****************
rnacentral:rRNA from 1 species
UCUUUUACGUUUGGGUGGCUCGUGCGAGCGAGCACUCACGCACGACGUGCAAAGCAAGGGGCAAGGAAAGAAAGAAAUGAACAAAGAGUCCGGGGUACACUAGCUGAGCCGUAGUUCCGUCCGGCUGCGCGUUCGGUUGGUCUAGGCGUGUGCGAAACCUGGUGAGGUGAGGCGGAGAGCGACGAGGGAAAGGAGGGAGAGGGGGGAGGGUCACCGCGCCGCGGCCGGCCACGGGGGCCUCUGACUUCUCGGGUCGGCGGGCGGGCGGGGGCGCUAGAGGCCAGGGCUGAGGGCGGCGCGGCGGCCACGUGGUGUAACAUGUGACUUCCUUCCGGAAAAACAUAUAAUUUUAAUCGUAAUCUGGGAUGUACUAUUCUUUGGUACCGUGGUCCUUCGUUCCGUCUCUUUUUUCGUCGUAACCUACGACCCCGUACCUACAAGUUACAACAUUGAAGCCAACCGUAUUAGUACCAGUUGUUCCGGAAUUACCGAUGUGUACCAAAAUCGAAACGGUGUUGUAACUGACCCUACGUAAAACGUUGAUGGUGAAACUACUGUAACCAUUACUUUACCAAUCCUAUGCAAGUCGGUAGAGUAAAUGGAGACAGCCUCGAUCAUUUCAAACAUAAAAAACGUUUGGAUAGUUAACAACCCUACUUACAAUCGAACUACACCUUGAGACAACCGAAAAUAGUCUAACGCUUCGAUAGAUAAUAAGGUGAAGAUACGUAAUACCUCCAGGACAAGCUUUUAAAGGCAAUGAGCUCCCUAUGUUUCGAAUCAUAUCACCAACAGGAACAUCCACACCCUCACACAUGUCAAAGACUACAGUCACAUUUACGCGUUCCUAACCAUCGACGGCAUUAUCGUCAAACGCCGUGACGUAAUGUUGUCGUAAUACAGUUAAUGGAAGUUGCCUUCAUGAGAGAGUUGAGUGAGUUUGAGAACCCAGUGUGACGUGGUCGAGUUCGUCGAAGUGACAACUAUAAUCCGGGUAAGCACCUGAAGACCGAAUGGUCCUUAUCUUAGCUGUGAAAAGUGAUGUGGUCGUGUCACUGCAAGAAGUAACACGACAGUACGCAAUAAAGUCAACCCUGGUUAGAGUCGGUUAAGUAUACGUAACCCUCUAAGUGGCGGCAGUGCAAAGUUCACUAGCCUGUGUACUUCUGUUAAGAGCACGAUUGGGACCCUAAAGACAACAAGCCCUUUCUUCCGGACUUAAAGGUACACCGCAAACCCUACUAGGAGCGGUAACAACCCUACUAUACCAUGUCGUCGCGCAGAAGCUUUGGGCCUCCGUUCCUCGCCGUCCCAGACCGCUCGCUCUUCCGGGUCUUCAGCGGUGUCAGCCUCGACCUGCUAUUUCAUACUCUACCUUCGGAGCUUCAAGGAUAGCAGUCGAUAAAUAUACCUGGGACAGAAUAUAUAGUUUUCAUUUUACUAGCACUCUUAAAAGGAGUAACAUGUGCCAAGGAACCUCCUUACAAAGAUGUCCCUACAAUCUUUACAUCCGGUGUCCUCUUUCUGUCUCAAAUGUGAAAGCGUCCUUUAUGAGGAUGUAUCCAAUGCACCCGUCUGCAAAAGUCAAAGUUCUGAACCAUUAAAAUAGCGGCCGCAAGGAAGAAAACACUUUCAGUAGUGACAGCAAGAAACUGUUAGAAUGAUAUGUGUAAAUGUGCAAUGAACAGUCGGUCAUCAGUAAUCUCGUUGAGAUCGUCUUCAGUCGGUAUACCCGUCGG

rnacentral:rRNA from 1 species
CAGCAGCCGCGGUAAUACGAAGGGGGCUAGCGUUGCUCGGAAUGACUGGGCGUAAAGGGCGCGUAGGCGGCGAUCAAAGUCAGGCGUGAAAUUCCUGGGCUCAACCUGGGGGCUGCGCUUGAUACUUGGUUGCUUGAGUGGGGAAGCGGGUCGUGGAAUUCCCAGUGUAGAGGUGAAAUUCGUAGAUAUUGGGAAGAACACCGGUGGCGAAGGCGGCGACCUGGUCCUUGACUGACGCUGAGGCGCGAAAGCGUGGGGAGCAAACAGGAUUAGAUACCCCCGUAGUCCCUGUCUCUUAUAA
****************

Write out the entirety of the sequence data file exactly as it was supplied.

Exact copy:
rnacentral:rRNA from 1 species
UCUUUUACGUUUGGGUGGCUCGUGCGAGCGAGCACUCACGCACGACGUGCAAAGCAAGGGGCAAGGAAAGAAAGAAAUGAACAAAGAGUCCGGGGUACACUAGCUGAGCCGUAGUUCCGUCCGGCUGCGCGUUCGGUUGGUCUAGGCGUGUGCGAAACCUGGUGAGGUGAGGCGGAGAGCGACGAGGGAAAGGAGGGAGAGGGGGGAGGGUCACCGCGCCGCGGCCGGCCACGGGGGCCUCUGACUUCUCGGGUCGGCGGGCGGGCGGGGGCGCUAGAGGCCAGGGCUGAGGGCGGCGCGGCGGCCACGUGGUGUAACAUGUGACUUCCUUCCGGAAAAACAUAUAAUUUUAAUCGUAAUCUGGGAUGUACUAUUCUUUGGUACCGUGGUCCUUCGUUCCGUCUCUUUUUUCGUCGUAACCUACGACCCCGUACCUACAAGUUACAACAUUGAAGCCAACCGUAUUAGUACCAGUUGUUCCGGAAUUACCGAUGUGUACCAAAAUCGAAACGGUGUUGUAACUGACCCUACGUAAAACGUUGAUGGUGAAACUACUGUAACCAUUACUUUACCAAUCCUAUGCAAGUCGGUAGAGUAAAUGGAGACAGCCUCGAUCAUUUCAAACAUAAAAAACGUUUGGAUAGUUAACAACCCUACUUACAAUCGAACUACACCUUGAGACAACCGAAAAUAGUCUAACGCUUCGAUAGAUAAUAAGGUGAAGAUACGUAAUACCUCCAGGACAAGCUUUUAAAGGCAAUGAGCUCCCUAUGUUUCGAAUCAUAUCACCAACAGGAACAUCCACACCCUCACACAUGUCAAAGACUACAGUCACAUUUACGCGUUCCUAACCAUCGACGGCAUUAUCGUCAAACGCCGUGACGUAAUGUUGUCGUAAUACAGUUAAUGGAAGUUGCCUUCAUGAGAGAGUUGAGUGAGUUUGAGAACCCAGUGUGACGUGGUCGAGUUCGUCGAAGUGACAACUAUAAUCCGGGUAAGCACCUGAAGACCGAAUGGUCCUUAUCUUAGCUGUGAAAAGUGAUGUGGUCGUGUCACUGCAAGAAGUAACACGACAGUACGCAAUAAAGUCAACCCUGGUUAGAGUCGGUUAAGUAUACGUAACCCUCUAAGUGGCGGCAGUGCAAAGUUCACUAGCCUGUGUACUUCUGUUAAGAGCACGAUUGGGACCCUAAAGACAACAAGCCCUUUCUUCCGGACUUAAAGGUACACCGCAAACCCUACUAGGAGCGGUAACAACCCUACUAUACCAUGUCGUCGCGCAGAAGCUUUGGGCCUCCGUUCCUCGCCGUCCCAGACCGCUCGCUCUUCCGGGUCUUCAGCGGUGUCAGCCUCGACCUGCUAUUUCAUACUCUACCUUCGGAGCUUCAAGGAUAGCAGUCGAUAAAUAUACCUGGGACAGAAUAUAUAGUUUUCAUUUUACUAGCACUCUUAAAAGGAGUAACAUGUGCCAAGGAACCUCCUUACAAAGAUGUCCCUACAAUCUUUACAUCCGGUGUCCUCUUUCUGUCUCAAAUGUGAAAGCGUCCUUUAUGAGGAUGUAUCCAAUGCACCCGUCUGCAAAAGUCAAAGUUCUGAACCAUUAAAAUAGCGGCCGCAAGGAAGAAAACACUUUCAGUAGUGACAGCAAGAAACUGUUAGAAUGAUAUGUGUAAAUGUGCAAUGAACAGUCGGUCAUCAGUAAUCUCGUUGAGAUCGUCUUCAGUCGGUAUACCCGUCGG

rnacentral:rRNA from 1 species
CAGCAGCCGCGGUAAUACGAAGGGGGCUAGCGUUGCUCGGAAUGACUGGGCGUAAAGGGCGCGUAGGCGGCGAUCAAAGUCAGGCGUGAAAUUCCUGGGCUCAACCUGGGGGCUGCGCUUGAUACUUGGUUGCUUGAGUGGGGAAGCGGGUCGUGGAAUUCCCAGUGUAGAGGUGAAAUUCGUAGAUAUUGGGAAGAACACCGGUGGCGAAGGCGGCGACCUGGUCCUUGACUGACGCUGAGGCGCGAAAGCGUGGGGAGCAAACAGGAUUAGAUACCCCCGUAGUCCCUGUCUCUUAUAA